From's "philosophy" page: Freeganism is a total boycott of an economic system where the profit motive has eclipsed ethical considerations and where massively complex systems of productions ensure that all the products we buy will have detrimental impacts most of which we may never even consider. Thus, instead of avoiding the purchase of products from one bad company only to support another, we avoid buying anything to the greatest degree we are able.

And even if I did not spend my stipend and lived completely without using money, it would not be that great of a feat. I get my food for free quite easily (if not from the dumpsters, then from the shared donated food we eat at the house), have clothes given to me by friends and my younger sisters and have a free place to stay, in return for my time doing something I want to do anyway. It seems like much too easy a life. Sigh.

EDIT: another correction to another common misconception - the community (Los Angeles Catholic Worker) is not a freegan organization, nor do any members besides myself claim to be freegan. I know other freegans just like me, though, who live in communities of alternative lifestyles and still use money, hesistantly or not. 

Monday, January 4, 2010

Christmas Joy and Freegan Fun

The Christmas season has come and gone, taking its bustle and cheesy music along with it. We're now entering the quiet month of January and it's a welcome slump for me. The holidays were busy, loud and fun, but it's time to rest.

My parents did eventually video chat with me and apologized profusely for missing the first appointment in favor of shopping. I got a large box of gifts in the mail with a note from my mother: "In honor of your [freegan] beliefs, we did not wrap your presents". Sweet, but misguided. Many of the gifts had been bought - from Wal-Mart! I would have rather had handmade or recycled presents wrapped in new paper than tissue-wrapped gifts brand-new from a major corporation that is crushing our planet and its people. However, I can appreciate the sentiment and enjoy the gifts.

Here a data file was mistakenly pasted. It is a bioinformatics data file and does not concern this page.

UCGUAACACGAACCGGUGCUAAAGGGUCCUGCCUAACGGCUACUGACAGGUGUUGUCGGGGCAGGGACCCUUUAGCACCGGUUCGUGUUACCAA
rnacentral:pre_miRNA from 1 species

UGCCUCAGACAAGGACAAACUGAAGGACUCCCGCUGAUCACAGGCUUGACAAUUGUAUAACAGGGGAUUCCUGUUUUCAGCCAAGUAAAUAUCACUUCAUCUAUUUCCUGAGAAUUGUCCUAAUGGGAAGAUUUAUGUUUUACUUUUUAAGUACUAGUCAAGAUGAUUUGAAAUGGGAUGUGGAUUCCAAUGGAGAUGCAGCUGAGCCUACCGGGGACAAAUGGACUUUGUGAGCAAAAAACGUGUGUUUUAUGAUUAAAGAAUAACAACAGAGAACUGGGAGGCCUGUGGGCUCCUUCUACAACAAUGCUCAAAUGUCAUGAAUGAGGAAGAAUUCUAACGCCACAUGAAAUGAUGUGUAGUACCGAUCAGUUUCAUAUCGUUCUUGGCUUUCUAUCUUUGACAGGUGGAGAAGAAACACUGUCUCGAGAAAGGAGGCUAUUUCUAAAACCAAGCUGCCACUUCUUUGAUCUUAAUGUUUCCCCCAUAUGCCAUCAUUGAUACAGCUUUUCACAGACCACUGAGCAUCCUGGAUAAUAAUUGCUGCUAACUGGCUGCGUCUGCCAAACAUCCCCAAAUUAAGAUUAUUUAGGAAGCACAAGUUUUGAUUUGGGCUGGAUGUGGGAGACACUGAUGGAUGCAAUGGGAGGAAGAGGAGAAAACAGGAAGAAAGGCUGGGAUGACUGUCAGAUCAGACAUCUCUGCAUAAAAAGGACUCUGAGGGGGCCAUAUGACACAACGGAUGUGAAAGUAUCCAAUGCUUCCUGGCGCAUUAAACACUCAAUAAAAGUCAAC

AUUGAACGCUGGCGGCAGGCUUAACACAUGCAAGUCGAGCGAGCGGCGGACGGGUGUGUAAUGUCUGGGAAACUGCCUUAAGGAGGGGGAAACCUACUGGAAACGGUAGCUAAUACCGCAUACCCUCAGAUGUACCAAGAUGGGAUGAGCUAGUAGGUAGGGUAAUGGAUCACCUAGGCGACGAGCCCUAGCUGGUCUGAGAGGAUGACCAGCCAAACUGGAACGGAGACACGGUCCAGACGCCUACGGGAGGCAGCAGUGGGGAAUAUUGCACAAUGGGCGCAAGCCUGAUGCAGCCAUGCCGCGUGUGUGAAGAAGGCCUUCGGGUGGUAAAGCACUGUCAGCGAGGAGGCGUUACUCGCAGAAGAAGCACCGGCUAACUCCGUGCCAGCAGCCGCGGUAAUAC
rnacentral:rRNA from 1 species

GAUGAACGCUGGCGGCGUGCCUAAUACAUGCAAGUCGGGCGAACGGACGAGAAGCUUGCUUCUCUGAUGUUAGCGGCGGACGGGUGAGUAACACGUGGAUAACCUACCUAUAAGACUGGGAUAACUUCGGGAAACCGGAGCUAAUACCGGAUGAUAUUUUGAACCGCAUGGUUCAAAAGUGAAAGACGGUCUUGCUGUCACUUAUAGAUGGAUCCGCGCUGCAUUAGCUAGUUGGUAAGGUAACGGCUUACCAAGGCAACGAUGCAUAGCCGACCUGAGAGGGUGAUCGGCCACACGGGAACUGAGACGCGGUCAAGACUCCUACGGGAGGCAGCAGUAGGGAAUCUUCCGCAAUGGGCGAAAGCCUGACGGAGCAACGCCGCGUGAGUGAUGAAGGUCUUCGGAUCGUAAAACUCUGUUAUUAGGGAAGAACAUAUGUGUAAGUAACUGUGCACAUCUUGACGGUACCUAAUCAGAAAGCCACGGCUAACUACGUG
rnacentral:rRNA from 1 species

During the week after Christmas, my younger sister Clara visited me. She took the 20 hour greyhound trip for her first visit to LA. I try to remember what my first impressions of Los Angeles were after living in a rural Oregon town for most of my life, like her. She really enjoyed herself. I did my best to give her a good time, LA-alternative style. The first thing we took her to do, of course, was dumpster dive (Eric, me and Clara, posing with our rescued food). It was far from her first dip in freegan practices, but the biggest haul she had ever experienced. Through the week we went to the beach (in December: a first for these Oregonians!), visited Hollywood, rode the Rose parade route on New Year's eve and worked in the Hippie Kitchen Clinic.

It was very nice having her here to experience my life first hand. I wonder how my lifestyle affects my siblings, who are all in the stages of decision-making/development (between the ages of 16-18). Clara wants to study languages and travel, but is pretty set on a "normal", family centered life as an adult. Of course, that's how I felt when I was 17, too. :)

at right: Clara, me and Eric's daughter, Celina
more fun photos here


"I'm a writer!"
And she laughs at the tinge of irony,
eyes alive and laughing too.
We all have our moments,
those times when discovery pounces on us like a fuzzy kitten,
to land in our laps.
And we receive with a joyful smile,
to cuddle with the truth as it purrs knowledge.
"Know thyself".